Federal court rejects request to block Oklahoma's new abortion law - NewsOn6.com - Tulsa, OK - News, Weather, Video and Sports - KOTV.com |

Federal court rejects request to block Oklahoma's new abortion law

Updated:
TULSA, Okla. (AP) -- A federal judge Friday rejected a request to bar enforcement of Oklahoma's new abortion notification law.

U.S. District Judge H. Dale Cook said Nova Health Systems failed to satisfy the prerequisites for issuing an injunction pending an appeal.

Nova, the parent of Reproductive Services in Tulsa, requested the injunction claiming the law doesn't guarantee speedy resolution when girls younger than 18 seek a court waiver from the parental notification now required before an abortion.

The request came in May, after Cook rejected Nova's request for a temporary restraining order against the law. Nova asked Cook to ban the law's enforcement until the 10th U.S. Circuit Court of Appeals rules on its appeal of his earlier ruling, or until the Oklahoma Supreme Court sets a time frame for the handling of requests for waivers from parental notification.

Martha Hardwick, one of the attorneys representing Nova, said the judge's action was not surprising.

"Based on the results we received earlier, we expected this," Hardwick said. "We will continue to pursue our appeal."

Nova's suit sprang from a law that took effect immediately after Gov. Brad Henry signed it May 20. It prohibits a doctor from performing an abortion on a minor unless a parent is notified 48 hours before the procedure. It includes exemptions if a physician decides the abortion is needed to prevent the mother's death or other serious health risks.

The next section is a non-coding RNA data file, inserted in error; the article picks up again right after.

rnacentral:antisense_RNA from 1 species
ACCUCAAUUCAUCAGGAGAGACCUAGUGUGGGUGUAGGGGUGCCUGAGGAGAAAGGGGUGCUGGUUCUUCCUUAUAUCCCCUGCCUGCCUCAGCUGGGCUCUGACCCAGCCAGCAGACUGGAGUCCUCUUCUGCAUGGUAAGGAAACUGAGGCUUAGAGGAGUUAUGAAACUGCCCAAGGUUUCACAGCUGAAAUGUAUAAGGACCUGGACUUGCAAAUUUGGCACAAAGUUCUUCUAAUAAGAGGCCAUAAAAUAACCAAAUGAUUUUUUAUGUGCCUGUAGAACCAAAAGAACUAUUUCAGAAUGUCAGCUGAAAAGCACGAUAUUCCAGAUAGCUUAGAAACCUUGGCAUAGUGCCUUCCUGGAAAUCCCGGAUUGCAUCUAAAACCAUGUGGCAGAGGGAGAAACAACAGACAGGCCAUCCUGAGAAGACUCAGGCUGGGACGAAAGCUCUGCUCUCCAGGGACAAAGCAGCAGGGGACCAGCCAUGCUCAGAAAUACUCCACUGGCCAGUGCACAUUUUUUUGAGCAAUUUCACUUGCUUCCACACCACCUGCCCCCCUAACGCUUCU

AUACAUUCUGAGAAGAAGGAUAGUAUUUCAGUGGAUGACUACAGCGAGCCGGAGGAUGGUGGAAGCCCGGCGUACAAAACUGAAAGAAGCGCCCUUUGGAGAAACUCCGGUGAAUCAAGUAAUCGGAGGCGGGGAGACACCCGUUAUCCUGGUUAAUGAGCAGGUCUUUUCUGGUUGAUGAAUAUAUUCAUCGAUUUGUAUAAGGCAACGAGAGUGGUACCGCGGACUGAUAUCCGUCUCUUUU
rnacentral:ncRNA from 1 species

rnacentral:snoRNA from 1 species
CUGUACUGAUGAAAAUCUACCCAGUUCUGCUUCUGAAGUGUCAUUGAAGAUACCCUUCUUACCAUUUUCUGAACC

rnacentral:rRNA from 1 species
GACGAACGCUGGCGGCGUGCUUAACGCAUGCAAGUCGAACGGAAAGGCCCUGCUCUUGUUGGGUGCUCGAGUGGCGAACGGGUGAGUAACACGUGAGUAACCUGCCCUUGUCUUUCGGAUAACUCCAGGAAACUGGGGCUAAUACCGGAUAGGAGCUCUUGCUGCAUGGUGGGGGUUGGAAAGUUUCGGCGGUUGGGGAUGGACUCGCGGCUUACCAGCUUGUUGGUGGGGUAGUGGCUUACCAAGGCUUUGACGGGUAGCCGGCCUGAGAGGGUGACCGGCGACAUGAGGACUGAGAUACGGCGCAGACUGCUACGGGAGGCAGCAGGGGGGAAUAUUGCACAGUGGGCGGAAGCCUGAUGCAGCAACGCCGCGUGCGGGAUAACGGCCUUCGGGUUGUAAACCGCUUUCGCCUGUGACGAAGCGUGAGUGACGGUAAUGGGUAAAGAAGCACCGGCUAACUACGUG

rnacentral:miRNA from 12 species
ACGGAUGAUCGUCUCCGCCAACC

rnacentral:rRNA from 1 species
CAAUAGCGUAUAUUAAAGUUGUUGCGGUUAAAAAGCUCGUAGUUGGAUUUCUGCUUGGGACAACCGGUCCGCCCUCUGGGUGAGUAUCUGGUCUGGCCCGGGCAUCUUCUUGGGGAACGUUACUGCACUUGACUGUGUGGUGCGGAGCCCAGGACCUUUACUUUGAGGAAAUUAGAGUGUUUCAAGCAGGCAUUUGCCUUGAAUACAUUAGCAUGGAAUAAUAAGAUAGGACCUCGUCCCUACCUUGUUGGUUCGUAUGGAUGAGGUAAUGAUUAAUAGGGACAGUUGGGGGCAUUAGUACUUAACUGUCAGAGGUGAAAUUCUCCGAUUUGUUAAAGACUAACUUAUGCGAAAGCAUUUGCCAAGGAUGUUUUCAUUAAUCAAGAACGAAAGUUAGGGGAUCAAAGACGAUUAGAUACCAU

Minors who don't want their parents notified can petition for a judicial bypass, in which a judge can authorize the abortion by concluding the girl is mature enough to consent to the procedure or that it would be in her best interest not to notify her parents.

But Nova argued that the lack of a specific time frame for handling such petitions or appeals when they are denied violates girls' rights of "liberty, privacy and equal protection."

Although Cook rejected those arguments, Nova appreciated how quickly the federal court handled the matter, Hardwick said.

"The state courts have given no indication that they will come up with a scheme with a sufficiently quick way to get that bypass," Hardwick said.

As of Friday, the law had not effected any minor clients of Nova, Hardwick said. However, it could happen at any time, she said.
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